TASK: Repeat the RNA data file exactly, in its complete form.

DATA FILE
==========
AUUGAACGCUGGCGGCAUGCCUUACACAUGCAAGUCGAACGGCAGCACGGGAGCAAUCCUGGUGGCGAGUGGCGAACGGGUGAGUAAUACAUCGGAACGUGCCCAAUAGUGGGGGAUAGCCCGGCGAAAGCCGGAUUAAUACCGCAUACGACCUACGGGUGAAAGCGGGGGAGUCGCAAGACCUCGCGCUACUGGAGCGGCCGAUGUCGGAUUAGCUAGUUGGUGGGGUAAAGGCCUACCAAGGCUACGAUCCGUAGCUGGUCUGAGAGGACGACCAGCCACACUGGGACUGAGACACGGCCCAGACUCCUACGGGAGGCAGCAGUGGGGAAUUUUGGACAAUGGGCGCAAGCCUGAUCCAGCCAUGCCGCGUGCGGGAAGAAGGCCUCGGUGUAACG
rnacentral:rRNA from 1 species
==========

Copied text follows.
AUUGAACGCUGGCGGCAUGCCUUACACAUGCAAGUCGAACGGCAGCACGGGAGCAAUCCUGGUGGCGAGUGGCGAACGGGUGAGUAAUACAUCGGAACGUGCCCAAUAGUGGGGGAUAGCCCGGCGAAAGCCGGAUUAAUACCGCAUACGACCUACGGGUGAAAGCGGGGGAGUCGCAAGACCUCGCGCUACUGGAGCGGCCGAUGUCGGAUUAGCUAGUUGGUGGGGUAAAGGCCUACCAAGGCUACGAUCCGUAGCUGGUCUGAGAGGACGACCAGCCACACUGGGACUGAGACACGGCCCAGACUCCUACGGGAGGCAGCAGUGGGGAAUUUUGGACAAUGGGCGCAAGCCUGAUCCAGCCAUGCCGCGUGCGGGAAGAAGGCCUCGGUGUAACG
rnacentral:rRNA from 1 species